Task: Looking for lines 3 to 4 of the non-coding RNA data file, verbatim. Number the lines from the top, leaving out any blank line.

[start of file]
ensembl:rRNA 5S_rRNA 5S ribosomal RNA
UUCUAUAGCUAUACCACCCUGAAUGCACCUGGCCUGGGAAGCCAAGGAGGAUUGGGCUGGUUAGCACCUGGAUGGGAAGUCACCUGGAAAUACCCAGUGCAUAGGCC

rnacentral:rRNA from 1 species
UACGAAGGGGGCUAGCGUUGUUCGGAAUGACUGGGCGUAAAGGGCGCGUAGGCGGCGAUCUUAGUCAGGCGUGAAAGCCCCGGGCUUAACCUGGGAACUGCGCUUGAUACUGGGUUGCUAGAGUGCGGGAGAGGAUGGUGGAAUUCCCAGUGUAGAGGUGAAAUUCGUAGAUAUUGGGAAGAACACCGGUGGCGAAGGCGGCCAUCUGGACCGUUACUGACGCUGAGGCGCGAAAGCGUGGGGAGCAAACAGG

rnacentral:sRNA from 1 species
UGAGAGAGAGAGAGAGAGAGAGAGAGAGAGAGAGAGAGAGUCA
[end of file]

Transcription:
rnacentral:rRNA from 1 species
UACGAAGGGGGCUAGCGUUGUUCGGAAUGACUGGGCGUAAAGGGCGCGUAGGCGGCGAUCUUAGUCAGGCGUGAAAGCCCCGGGCUUAACCUGGGAACUGCGCUUGAUACUGGGUUGCUAGAGUGCGGGAGAGGAUGGUGGAAUUCCCAGUGUAGAGGUGAAAUUCGUAGAUAUUGGGAAGAACACCGGUGGCGAAGGCGGCCAUCUGGACCGUUACUGACGCUGAGGCGCGAAAGCGUGGGGAGCAAACAGG